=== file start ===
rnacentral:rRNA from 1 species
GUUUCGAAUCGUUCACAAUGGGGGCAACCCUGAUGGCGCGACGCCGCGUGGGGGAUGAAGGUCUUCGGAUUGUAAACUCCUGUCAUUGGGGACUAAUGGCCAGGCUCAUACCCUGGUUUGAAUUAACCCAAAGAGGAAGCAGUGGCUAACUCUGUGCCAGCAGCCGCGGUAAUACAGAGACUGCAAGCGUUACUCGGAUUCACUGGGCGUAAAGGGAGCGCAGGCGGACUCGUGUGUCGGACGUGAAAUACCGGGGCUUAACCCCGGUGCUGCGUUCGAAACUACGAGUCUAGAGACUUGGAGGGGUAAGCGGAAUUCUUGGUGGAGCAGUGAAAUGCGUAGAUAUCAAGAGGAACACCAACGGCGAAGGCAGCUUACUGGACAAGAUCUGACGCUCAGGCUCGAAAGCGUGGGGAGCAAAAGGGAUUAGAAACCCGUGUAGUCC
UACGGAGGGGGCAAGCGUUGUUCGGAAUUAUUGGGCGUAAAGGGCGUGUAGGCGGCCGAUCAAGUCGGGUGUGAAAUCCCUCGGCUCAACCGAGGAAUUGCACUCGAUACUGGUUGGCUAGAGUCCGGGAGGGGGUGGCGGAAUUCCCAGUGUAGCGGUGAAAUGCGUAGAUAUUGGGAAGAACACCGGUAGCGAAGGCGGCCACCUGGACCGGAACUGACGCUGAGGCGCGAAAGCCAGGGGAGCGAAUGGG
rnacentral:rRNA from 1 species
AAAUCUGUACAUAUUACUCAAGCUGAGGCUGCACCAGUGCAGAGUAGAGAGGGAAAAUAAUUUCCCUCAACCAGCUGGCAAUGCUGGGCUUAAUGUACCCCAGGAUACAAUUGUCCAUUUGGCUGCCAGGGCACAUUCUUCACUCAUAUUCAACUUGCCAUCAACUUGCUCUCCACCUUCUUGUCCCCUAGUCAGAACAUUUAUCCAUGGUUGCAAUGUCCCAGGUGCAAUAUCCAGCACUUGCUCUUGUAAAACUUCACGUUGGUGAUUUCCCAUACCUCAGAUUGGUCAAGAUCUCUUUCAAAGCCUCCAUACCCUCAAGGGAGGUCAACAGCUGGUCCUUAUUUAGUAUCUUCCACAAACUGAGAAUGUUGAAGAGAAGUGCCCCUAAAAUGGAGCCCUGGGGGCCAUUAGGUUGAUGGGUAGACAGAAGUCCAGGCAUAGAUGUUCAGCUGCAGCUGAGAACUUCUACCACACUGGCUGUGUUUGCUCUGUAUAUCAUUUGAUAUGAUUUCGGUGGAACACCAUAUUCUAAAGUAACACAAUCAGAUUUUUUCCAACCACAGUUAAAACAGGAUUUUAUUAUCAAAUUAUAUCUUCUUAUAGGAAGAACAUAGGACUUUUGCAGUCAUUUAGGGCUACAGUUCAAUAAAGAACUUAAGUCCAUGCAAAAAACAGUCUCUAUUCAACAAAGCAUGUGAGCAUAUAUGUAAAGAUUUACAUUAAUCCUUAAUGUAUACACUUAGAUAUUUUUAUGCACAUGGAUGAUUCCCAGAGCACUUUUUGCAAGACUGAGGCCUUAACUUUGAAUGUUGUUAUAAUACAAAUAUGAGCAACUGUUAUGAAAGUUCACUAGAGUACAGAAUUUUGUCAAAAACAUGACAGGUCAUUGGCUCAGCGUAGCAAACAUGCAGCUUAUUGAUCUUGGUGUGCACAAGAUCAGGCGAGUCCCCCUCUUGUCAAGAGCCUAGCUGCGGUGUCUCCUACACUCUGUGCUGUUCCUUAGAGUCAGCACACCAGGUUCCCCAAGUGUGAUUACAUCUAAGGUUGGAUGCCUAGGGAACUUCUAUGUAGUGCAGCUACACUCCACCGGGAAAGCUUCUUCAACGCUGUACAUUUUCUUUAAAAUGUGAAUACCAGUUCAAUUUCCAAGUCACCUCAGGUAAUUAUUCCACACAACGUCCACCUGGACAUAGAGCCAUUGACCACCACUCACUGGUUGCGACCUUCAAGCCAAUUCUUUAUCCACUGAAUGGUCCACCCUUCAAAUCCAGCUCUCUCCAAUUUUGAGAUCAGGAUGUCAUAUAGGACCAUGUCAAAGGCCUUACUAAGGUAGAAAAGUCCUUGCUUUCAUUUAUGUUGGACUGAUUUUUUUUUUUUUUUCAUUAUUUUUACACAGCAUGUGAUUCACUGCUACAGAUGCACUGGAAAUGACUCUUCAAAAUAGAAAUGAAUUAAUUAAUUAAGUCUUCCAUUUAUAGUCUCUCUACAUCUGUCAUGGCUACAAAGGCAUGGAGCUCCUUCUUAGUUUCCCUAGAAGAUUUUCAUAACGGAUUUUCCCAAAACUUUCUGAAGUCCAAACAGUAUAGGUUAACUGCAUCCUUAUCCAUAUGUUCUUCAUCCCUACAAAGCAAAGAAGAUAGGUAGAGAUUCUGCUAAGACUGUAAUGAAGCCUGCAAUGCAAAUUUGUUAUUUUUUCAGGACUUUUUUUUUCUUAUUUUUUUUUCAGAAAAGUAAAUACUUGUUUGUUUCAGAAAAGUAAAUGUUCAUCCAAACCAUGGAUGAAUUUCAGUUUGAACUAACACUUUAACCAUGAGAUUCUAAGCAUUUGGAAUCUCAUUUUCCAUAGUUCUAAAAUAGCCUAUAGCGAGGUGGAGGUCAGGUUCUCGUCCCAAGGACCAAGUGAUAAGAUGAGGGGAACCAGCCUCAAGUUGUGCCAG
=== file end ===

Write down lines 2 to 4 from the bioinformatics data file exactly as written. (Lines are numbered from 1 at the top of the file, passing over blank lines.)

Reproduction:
GUUUCGAAUCGUUCACAAUGGGGGCAACCCUGAUGGCGCGACGCCGCGUGGGGGAUGAAGGUCUUCGGAUUGUAAACUCCUGUCAUUGGGGACUAAUGGCCAGGCUCAUACCCUGGUUUGAAUUAACCCAAAGAGGAAGCAGUGGCUAACUCUGUGCCAGCAGCCGCGGUAAUACAGAGACUGCAAGCGUUACUCGGAUUCACUGGGCGUAAAGGGAGCGCAGGCGGACUCGUGUGUCGGACGUGAAAUACCGGGGCUUAACCCCGGUGCUGCGUUCGAAACUACGAGUCUAGAGACUUGGAGGGGUAAGCGGAAUUCUUGGUGGAGCAGUGAAAUGCGUAGAUAUCAAGAGGAACACCAACGGCGAAGGCAGCUUACUGGACAAGAUCUGACGCUCAGGCUCGAAAGCGUGGGGAGCAAAAGGGAUUAGAAACCCGUGUAGUCC
UACGGAGGGGGCAAGCGUUGUUCGGAAUUAUUGGGCGUAAAGGGCGUGUAGGCGGCCGAUCAAGUCGGGUGUGAAAUCCCUCGGCUCAACCGAGGAAUUGCACUCGAUACUGGUUGGCUAGAGUCCGGGAGGGGGUGGCGGAAUUCCCAGUGUAGCGGUGAAAUGCGUAGAUAUUGGGAAGAACACCGGUAGCGAAGGCGGCCACCUGGACCGGAACUGACGCUGAGGCGCGAAAGCCAGGGGAGCGAAUGGG
rnacentral:rRNA from 1 species